She had the usual particular stance and ‘yip’ when onto a rabbit. She loved water and swam quite flat with no fuss or tenseness. She played in the rubber boat with the children in the pool learning to trim to the set of a boat: anticipating its movements and shifting her feet. One of her favorite games, as a puppy, was hiding in the rubber inflatable boat on the grass with her two eyes peeping out of the top. She’d then run to nip my younger son’s bottom as he crept up, starck naked, to try and get in the boat too. Gales of laughter as this game went on for hours.

When she retrieved duck to me, she threw them sideways out of her mouth and turned back to the water. In this way I had to set her onto one or two runners that slipped straight into the reeds and had to be retrieved again. Once she realised this, she brought the duck to hand. She was always chancey on cock pheasants. On her first full working day she had a cock torn from her mouth by an aggressive labrador, one of a team of three worked by a gun’s wife; the bird spurred her in the mouth. I spent the rest of the season gentling her back to retrieving. 

On the last day of the season, our very last push through cover, I realised from the behaviour of both the Weimaraner and the young springer that a bird had drawn ahead of them down a ditch and hedge. I asked permission to follow up and set the dogs on again. Their eagerness increased each yard and from beside a pond at the hedge junction they pushed a cock pheasant. I shot it as it crossed the plough towards a wood and the springer was sent to retrieve. She had just collected it and was returning when the same black labrador rushed across the field and snatched the bird from her.

She adored wildfowling, starting at 18 months when she picked her first pinkfoot: a beautifully proportioned half-sized mutant. Even that was big for her at the time. If I was cross with her and swore at her (which I did I regret to say – having a low flash point and hot temper) she would not look at me for a while. She’d sit, back to me and very still, with her cheeks sucked in. All the family loved her dearly and if I or my wife had to scold the children, particularly the younger two, they would go and sit with the springer, resting their heads on her til they felt better. The Weimaraner accepted her and, latterly when I found my springer dog on Liverpool Street Station (nobody ever claimed him) he doted on the springer bitch, as did my wife’s grand little rough coated dachshund.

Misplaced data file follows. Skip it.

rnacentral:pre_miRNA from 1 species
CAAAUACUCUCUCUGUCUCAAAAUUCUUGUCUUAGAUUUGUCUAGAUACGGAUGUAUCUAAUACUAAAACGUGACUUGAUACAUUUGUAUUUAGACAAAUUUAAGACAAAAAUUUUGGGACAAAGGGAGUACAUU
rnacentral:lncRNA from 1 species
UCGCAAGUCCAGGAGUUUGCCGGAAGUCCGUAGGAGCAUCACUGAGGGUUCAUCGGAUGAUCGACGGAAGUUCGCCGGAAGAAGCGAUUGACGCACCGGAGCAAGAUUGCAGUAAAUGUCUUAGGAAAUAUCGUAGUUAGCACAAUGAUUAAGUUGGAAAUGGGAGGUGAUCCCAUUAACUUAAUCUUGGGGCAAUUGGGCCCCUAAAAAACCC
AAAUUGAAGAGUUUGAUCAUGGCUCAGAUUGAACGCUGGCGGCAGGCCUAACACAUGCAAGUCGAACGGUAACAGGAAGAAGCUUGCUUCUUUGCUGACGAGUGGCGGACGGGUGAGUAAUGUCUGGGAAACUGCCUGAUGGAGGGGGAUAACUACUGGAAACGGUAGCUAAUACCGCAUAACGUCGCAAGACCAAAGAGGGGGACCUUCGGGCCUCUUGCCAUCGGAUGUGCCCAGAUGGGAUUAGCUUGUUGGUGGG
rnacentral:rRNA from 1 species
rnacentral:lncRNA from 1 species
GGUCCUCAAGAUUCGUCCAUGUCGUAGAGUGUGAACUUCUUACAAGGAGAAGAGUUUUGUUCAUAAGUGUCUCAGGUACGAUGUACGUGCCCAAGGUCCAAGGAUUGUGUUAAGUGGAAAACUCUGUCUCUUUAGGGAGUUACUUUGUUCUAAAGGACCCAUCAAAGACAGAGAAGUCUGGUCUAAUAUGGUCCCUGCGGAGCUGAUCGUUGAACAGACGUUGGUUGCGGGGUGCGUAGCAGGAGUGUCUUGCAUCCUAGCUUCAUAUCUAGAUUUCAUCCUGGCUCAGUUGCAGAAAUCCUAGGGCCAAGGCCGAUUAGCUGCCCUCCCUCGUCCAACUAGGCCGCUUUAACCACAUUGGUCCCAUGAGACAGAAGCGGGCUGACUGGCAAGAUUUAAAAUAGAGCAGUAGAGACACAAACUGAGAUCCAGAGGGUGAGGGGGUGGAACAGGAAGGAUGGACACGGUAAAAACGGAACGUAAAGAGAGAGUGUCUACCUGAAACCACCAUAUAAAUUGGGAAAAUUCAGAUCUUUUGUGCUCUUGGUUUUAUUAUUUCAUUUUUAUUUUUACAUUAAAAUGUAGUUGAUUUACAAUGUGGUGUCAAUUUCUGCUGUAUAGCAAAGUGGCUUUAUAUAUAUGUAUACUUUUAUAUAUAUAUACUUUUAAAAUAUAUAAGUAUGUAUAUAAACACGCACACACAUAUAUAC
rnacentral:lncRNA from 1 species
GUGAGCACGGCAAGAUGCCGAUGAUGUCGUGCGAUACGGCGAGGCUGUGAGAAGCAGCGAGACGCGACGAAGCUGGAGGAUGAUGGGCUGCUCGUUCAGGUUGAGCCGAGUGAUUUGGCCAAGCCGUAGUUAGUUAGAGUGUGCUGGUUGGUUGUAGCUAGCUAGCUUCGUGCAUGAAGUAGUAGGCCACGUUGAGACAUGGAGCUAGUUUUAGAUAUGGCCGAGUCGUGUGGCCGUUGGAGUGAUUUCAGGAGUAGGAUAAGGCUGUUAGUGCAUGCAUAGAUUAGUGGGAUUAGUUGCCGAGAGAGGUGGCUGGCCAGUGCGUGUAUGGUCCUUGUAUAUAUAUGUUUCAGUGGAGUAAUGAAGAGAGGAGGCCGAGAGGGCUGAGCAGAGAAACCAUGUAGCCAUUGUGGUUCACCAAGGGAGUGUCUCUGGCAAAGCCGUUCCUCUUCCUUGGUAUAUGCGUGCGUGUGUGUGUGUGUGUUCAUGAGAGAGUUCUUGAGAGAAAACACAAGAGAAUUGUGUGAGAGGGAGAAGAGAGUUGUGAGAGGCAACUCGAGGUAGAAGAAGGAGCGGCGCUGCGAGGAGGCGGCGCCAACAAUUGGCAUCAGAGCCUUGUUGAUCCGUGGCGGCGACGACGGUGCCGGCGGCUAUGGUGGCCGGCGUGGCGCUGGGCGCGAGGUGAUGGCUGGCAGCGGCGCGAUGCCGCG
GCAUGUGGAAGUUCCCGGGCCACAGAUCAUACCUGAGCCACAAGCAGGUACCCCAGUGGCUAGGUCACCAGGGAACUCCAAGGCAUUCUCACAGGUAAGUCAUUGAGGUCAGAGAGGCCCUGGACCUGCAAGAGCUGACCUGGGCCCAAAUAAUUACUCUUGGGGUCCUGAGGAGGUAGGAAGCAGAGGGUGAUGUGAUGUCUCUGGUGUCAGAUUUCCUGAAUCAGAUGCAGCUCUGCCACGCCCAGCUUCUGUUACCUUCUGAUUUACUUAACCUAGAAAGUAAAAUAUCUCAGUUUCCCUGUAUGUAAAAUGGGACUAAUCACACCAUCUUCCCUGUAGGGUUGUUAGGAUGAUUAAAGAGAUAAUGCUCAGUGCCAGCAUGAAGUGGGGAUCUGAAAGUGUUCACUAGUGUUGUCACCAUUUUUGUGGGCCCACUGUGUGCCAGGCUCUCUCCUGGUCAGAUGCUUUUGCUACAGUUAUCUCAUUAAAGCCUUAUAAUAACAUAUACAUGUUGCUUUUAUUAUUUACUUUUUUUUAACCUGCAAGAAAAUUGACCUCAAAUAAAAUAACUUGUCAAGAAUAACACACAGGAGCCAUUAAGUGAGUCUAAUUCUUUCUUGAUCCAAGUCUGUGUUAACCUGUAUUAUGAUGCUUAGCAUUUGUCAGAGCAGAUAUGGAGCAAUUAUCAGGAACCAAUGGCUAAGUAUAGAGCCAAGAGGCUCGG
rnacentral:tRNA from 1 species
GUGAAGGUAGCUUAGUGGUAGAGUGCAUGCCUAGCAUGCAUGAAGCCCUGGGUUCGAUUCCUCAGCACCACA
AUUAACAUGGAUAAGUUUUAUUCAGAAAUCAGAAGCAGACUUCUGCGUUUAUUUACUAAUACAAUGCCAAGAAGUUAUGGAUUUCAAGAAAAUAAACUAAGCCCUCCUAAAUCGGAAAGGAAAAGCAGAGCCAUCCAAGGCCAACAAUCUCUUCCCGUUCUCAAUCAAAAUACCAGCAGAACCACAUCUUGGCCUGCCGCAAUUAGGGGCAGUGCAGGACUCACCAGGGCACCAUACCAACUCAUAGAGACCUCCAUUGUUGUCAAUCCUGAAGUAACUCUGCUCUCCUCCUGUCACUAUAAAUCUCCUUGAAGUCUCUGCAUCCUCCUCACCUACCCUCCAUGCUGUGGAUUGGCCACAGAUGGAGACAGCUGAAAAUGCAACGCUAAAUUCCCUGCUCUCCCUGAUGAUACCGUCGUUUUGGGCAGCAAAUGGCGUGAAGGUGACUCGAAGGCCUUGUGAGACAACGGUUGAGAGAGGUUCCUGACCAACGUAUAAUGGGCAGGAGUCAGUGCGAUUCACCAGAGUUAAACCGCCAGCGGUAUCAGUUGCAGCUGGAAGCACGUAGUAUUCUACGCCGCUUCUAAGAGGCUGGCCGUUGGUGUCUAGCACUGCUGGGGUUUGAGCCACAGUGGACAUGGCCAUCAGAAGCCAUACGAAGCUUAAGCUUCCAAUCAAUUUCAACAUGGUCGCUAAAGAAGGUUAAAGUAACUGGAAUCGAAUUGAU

Sadly, all good things come to an end, and with tragic suddenness for the little springer bitch. She ran, as she thought, after me towards a road behind a sandy beach in Northumberland. My wife and younger son had just crossed, but I had stopped to watch a bird. I whistled and called but the noise of an old banger with three tearaways in it drowned my calls; with a sickening foreboding I thought “she’s going to be hit by the car”. I ran as fast as I could towards the road and heard the bang of the impact. My wife and younger son saw her turn to try to get back to me when she realised I was still coming from the beach. My younger daughter saw it all from our caravan. Lady died quietly while my wife and I stroked and talked to her. I knew she would never leave that Northumberland beach.

The children chose her name, Lady, which always seemed so opposite to her playful nature. As my younger daughter said to her mother: “When Daddy can bear to think about it, Lady was 10 years old and she had just had her most full and successful season. He would have hated seeing her getting gradually older ‘til the Awful Day.”

They say each man deserves one good dog in his life, and I believe in Lady I may have had mine. All I know is how much I still miss her.

4Thoughts

The #4Thoughts_Fiction meme is hosted on a #NSFW site, so be warned if you follow the link, but I’m no prude The prompt is currently ‘Longing’.

Henry Potstam’s Coat

Henry Potstam was a very pampered dog. He lived in a large house in a smart area of London. His owners didn’t have any children, Henry was their baby and they made no excuses for that.

Everyday their maid would take Henry Potstam for a walk. His master and mistress worked and so this broke up his day until they were at home. It allowed him to stretch his legs and catch up with any ‘messages’ left on lamp posts and walls by other dogs in the neighbourhood. Henry was a west highland white terrier, whose sense of smell was very keen. His almost black eyes were bright and alert and he enjoyed sniffing the trunks of any trees planted in the pavements en route to the park near his home.

Because Henry Potstam was a ‘gentleman’, he had a coat which he wore when he went out. His dog jacket was tartan, it slipped over his head, covered his back and fastened round his ribs but, most importantly, it had a pocket. Henry was such a pampered dog that he had an allowance. So the maid would put one penny of this into his jacket pocket every day before they set off on their walk.